Transport secretary ‘running scared’ as he flies out of UK on day of rail fare hike

The transport secretary, Chris Grayling, has been accused of dodging his responsibilities after he left the UK for Qatar on the day much-criticised rail fare increases came into force.

A Downing Street spokesman said Grayling, who has been tipped to lose his post in a possible new year reshuffle, was in Qatar to meet various ministers and business leaders for two days and would return on Thursday or Friday.

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Asked why the trip could not have been arranged for later in the month, so Grayling could respond to the biggest annual rise in rail fares for five years and protests at stations in response, the spokesman referred the question to the Department for Transport.

Speaking later to LBC radio, Grayling said he was in Qatar “trying to win a couple of big contracts” for UK businesses, and had timed the trip to coincide with the parliamentary recess.

He said: “Of course, the increase was announced a month ago, and I’ve done radio interviews about it and answered questions in the House of Commons, so I don’t think I’ve shirked the issue.”

Protests organised by the RMT rail union and attended by some Labour politicians took place at dozens of stations in England on Tuesday morning, the first day of average fare increases of 3.4%, with season tickets increasing by 3.6%.

Andy McDonald, the shadow transport secretary, said Grayling’s absence “smacks of a man running scared”. He said: “Passengers and taxpayers deserve better than a failing transport secretary who refuses to defend his track record.”

The Liberal Democrat leader, Vince Cable, said: “Rail passengers are shivering on platforms, angered by the biggest fare increase in years, while Chris Grayling is off globetrotting.”

He said it was “very difficult to see what useful function” Grayling could perform abroad that trade officials could not.

Mick Cash, general secretary of the RMT, said train passengers would draw their own conclusions from Grayling’s decision to take a “trip to the Qatari sunshine”.

Grayling will meet the Gulf state’s prime minister and the ministers for transport, finance and the interior, as well as the chief executives of the Qatar Investment Authority and Qatar Airways and representatives from UK businesses.

Asked whether Downing Street was happy with Grayling being absent amid the political storm over the fare increases, the spokesman said: “The fare rises we’ve known were coming for a while. The Department for Transport have been responding, and have issued a full statement in response to those fare increases.”

Asked whether Theresa May had confidence in Grayling, he said: “Chris Grayling is working hard and doing a good job as transport secretary.”

The fare increases are pegged to the retail price index (RPI), a measure of inflation that is higher than the consumer price index and that is well above average increases in earnings.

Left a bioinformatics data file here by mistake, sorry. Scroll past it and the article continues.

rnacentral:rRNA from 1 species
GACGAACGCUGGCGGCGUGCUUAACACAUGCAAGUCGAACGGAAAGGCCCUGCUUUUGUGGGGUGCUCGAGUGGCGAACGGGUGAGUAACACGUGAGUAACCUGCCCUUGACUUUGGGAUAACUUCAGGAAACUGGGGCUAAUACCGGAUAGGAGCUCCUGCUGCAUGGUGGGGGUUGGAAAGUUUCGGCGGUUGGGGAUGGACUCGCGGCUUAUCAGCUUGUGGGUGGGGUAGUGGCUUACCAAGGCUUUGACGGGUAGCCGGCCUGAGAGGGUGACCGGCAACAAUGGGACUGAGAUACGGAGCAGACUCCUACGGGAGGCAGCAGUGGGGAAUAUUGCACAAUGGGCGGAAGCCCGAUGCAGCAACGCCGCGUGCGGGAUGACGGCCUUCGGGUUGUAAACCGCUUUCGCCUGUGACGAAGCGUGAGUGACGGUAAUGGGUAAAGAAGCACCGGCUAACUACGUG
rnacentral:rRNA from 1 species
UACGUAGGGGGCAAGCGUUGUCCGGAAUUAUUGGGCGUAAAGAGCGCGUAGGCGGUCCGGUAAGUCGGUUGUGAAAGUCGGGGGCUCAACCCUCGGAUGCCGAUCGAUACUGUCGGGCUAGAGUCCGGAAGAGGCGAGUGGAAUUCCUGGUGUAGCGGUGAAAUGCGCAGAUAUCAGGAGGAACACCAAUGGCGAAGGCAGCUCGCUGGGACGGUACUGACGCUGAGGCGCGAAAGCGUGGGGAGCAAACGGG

Grayling told LBC that while he would prefer to have fare rises linked to the lower inflation measure of the consumer price index (CPI), this had practical problems.

“The increase is higher than I would wish. I think we need to move to the lower form of inflation,” he said. “There are two big barriers to that. One is that it involves unpicking long-term contracts, and I have started the process of looking at how best we do that. The other is, I’m afraid, the unions and the Labour party.”

The issue with unions, he argued, was that they had as policy that pay rises for staff should be linked to RPI rather than CPI.

The No 10 spokesman said the use of RPI was “consistent with the general approach which is adopted across the rail industry”, and the fees train operators were charged by Network Rail for using tracks had increased by the same amount.

He said: “The government carefully monitors how rail fares and average earnings change, and keeps the way fare levels are calculated under review. We understand people are concerned about increases in the cost of their rail tickets, and families are feeling the squeeze on their finances.”

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The Downing Street spokesman dismissed criticism of Grayling from Andrew Adonis, who resigned as head of the government-backed national infrastructure commission on Friday, about claims the operators of the East Coast rail franchise would receive a taxpayer bailout, calling this “completely wrong”.

“We’ve been very clear that no one is getting a bailout,” he said. “Virgin Stagecoach will continue to meet its financial commitments made to the taxpayer on the East Coast rail franchise, as it’s done since 2015.”

Powered by article was written by Peter Walker Political correspondent, for The Guardian on Tuesday 2nd January 2018 16.33 Europe/London © Guardian News and Media Limited 2010